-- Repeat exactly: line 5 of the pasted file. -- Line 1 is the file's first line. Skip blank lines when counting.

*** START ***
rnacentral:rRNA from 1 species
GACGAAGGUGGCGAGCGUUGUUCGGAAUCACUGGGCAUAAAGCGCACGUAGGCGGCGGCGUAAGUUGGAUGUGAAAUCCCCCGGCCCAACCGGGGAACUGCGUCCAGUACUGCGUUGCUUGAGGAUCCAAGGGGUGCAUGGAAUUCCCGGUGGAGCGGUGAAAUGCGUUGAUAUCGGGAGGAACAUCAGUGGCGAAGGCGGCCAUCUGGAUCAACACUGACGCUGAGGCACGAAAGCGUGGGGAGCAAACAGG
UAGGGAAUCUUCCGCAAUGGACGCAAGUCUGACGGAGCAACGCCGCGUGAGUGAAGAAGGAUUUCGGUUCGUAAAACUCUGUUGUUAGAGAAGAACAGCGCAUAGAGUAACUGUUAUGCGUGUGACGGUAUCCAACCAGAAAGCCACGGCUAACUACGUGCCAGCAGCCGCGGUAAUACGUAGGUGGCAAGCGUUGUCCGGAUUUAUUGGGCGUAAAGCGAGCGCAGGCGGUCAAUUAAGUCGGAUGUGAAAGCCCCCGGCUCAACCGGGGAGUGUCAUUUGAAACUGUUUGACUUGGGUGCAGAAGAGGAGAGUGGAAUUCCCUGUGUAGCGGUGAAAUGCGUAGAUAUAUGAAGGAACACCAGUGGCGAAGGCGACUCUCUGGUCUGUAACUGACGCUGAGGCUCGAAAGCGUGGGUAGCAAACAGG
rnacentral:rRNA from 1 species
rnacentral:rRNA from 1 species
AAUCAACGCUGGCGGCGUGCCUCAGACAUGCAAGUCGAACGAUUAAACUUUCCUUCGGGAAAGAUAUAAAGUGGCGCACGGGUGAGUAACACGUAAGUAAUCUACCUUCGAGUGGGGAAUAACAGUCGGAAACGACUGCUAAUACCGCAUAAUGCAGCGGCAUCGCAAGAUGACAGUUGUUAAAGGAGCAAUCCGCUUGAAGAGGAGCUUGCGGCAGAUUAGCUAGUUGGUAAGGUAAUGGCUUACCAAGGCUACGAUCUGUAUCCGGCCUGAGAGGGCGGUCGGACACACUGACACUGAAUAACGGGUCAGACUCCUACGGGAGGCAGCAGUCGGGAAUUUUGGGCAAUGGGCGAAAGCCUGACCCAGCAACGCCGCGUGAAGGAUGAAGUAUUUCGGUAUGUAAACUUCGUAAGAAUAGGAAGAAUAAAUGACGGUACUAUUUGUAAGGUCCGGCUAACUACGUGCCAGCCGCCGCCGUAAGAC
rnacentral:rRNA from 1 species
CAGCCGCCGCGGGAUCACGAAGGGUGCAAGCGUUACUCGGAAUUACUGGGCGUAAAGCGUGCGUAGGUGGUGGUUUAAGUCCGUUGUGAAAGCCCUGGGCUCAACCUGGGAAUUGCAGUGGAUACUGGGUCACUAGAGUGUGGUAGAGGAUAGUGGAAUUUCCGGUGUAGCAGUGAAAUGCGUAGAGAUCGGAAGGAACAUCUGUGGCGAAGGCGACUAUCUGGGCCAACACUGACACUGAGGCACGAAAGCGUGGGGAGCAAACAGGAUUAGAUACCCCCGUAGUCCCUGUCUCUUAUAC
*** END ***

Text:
rnacentral:rRNA from 1 species